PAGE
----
We kicked off the series of Industrial-Academic Forums with the topic of Operational Risk this past Friday and Saturday. Since I knew very little about the subject, the Forum was an opportunity to learn quite a lot. But aside from my personal experience, I heard from most participants that this was a very well organized, timely and productive forum.
For lack of expertise, instead of reviewing the talks individually, I will list the things that I learn from the workshop as a whole, in no particular order, except perhaps the number of times they were mentioned in the talks.
- because banks don't make money out of operational risk (as opposed to market and credit risk, each related to core commercial activities, with a lot of money to be made by beating the competition in the corresponding markets), research in the area has been mostly driven by regulation rather than market pressure;
- as a consequence, most of the effort focus on how to calculate the exact quantity specified by Basel II, namely VaR 99.9% of operational risk losses, which are primarily modeled using LDA (loss distribution analysis);
- LDA consists of modeling the losses in each business line as compound Poisson processes (therefore modeling the frequency and the severity of the losses separately) and then bringing business line together under some dependence assumption (say copulas). The severity of losses is modeled as a heavy tail distribution, with log-normal (10,2) being everyone's darling, closely followed by Pareto and something called "g and h" (google it !);
- clever numerical methods and analytic approximations compete to produce the final shape of the loss distribution and calculate its VaR 99.9%.
- it is really really hard to estimate the parameters of such heavy-tailed distributions, and there is not nearly enough data to accurately distinguishe them. As a consequence, regulators (and just about everyone else) have their work cut out for them in trying to validate the models used by different banks. Much care is needed to ensure a "level playing field" in the process;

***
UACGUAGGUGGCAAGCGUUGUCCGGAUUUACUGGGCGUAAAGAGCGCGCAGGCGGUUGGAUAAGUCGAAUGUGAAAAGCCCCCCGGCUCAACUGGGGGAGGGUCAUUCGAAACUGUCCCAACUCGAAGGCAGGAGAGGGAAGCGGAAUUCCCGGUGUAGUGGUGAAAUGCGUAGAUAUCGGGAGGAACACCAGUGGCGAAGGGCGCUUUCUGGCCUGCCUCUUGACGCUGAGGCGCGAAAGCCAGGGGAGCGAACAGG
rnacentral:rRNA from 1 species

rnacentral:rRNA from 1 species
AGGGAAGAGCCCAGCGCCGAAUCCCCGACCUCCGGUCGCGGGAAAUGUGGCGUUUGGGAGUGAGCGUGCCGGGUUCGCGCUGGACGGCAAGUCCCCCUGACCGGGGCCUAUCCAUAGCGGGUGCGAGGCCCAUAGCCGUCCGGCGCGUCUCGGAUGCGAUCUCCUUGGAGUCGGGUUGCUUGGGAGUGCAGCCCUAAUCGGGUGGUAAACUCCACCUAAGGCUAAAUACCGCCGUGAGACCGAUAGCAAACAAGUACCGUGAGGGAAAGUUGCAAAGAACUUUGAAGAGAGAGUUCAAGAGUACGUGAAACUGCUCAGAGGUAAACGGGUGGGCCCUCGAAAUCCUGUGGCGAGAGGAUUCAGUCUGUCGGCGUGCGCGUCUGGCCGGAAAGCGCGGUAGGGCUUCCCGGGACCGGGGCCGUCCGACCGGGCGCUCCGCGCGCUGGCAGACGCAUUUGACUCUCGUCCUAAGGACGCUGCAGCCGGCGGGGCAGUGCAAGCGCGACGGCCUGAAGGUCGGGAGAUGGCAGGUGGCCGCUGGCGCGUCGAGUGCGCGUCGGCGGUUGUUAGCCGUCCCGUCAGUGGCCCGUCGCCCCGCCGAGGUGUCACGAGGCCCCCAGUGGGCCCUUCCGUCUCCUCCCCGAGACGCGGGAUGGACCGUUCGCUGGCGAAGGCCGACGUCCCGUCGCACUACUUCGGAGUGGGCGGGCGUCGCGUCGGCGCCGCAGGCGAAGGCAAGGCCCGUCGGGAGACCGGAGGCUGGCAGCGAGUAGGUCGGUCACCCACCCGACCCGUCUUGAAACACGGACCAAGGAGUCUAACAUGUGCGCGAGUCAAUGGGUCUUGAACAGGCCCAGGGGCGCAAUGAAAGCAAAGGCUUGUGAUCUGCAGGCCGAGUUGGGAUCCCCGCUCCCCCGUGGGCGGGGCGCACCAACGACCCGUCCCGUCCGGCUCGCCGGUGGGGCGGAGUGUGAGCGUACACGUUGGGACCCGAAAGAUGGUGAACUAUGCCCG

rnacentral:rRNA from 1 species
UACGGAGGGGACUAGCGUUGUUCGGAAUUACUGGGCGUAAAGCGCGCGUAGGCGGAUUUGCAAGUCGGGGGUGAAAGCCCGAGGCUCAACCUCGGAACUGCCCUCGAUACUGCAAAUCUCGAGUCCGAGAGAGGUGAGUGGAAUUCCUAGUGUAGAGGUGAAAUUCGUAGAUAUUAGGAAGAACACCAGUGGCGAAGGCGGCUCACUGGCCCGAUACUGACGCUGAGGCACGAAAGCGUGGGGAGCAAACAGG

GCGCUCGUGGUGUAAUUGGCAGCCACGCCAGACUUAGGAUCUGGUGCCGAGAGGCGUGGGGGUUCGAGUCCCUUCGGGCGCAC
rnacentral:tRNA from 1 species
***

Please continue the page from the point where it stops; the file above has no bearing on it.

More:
- VaR is a particularly boneheaded choice of risk measure in this case, especially when tying to measure the "diversification effect" (the parameter "delta" in Basel II), which can jump from positive to negative (i.e adverse diversification) by slightly changing the marginal distribution of losses, without even touching their dependence structure;
- it would be really nice to have a way to model operational risk from first principles, like a structural model in credit risk, rather than simply trying to fit (highly unstable) statistical models to (largely unavaiable) data;
- at the end of the day, research in operational risk should lead to better risk management rather than measurament. As one participant put it: "operational risk groups should be seen more like a think-tanks instead of data centre";
As I said, a wonderful learning experience.